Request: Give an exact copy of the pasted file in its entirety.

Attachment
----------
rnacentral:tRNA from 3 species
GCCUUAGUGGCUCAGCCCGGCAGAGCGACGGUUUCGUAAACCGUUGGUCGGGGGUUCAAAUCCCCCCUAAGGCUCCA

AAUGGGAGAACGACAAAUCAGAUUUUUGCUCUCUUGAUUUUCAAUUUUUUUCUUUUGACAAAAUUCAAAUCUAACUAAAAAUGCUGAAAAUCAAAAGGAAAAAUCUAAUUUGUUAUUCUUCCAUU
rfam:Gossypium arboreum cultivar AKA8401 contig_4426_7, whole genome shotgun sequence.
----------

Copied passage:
rnacentral:tRNA from 3 species
GCCUUAGUGGCUCAGCCCGGCAGAGCGACGGUUUCGUAAACCGUUGGUCGGGGGUUCAAAUCCCCCCUAAGGCUCCA

AAUGGGAGAACGACAAAUCAGAUUUUUGCUCUCUUGAUUUUCAAUUUUUUUCUUUUGACAAAAUUCAAAUCUAACUAAAAAUGCUGAAAAUCAAAAGGAAAAAUCUAAUUUGUUAUUCUUCCAUU
rfam:Gossypium arboreum cultivar AKA8401 contig_4426_7, whole genome shotgun sequence.